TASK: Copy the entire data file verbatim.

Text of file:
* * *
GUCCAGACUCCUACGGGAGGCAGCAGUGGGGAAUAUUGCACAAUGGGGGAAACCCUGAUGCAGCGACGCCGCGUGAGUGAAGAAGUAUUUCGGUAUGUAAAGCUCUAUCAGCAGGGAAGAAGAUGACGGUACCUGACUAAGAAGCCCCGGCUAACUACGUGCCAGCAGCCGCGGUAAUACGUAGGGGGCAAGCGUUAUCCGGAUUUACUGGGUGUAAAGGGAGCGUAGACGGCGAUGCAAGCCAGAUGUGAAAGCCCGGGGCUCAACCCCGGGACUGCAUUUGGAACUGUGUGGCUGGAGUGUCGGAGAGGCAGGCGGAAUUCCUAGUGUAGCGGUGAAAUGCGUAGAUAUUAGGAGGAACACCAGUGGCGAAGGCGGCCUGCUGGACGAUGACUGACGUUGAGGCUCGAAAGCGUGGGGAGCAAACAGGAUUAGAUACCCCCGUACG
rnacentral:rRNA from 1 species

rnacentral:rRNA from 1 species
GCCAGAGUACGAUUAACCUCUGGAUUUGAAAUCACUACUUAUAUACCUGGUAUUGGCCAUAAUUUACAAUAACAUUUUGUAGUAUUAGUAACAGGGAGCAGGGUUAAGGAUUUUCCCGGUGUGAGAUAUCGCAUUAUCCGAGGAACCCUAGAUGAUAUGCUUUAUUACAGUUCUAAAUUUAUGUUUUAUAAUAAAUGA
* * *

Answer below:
GUCCAGACUCCUACGGGAGGCAGCAGUGGGGAAUAUUGCACAAUGGGGGAAACCCUGAUGCAGCGACGCCGCGUGAGUGAAGAAGUAUUUCGGUAUGUAAAGCUCUAUCAGCAGGGAAGAAGAUGACGGUACCUGACUAAGAAGCCCCGGCUAACUACGUGCCAGCAGCCGCGGUAAUACGUAGGGGGCAAGCGUUAUCCGGAUUUACUGGGUGUAAAGGGAGCGUAGACGGCGAUGCAAGCCAGAUGUGAAAGCCCGGGGCUCAACCCCGGGACUGCAUUUGGAACUGUGUGGCUGGAGUGUCGGAGAGGCAGGCGGAAUUCCUAGUGUAGCGGUGAAAUGCGUAGAUAUUAGGAGGAACACCAGUGGCGAAGGCGGCCUGCUGGACGAUGACUGACGUUGAGGCUCGAAAGCGUGGGGAGCAAACAGGAUUAGAUACCCCCGUACG
rnacentral:rRNA from 1 species

rnacentral:rRNA from 1 species
GCCAGAGUACGAUUAACCUCUGGAUUUGAAAUCACUACUUAUAUACCUGGUAUUGGCCAUAAUUUACAAUAACAUUUUGUAGUAUUAGUAACAGGGAGCAGGGUUAAGGAUUUUCCCGGUGUGAGAUAUCGCAUUAUCCGAGGAACCCUAGAUGAUAUGCUUUAUUACAGUUCUAAAUUUAUGUUUUAUAAUAAAUGA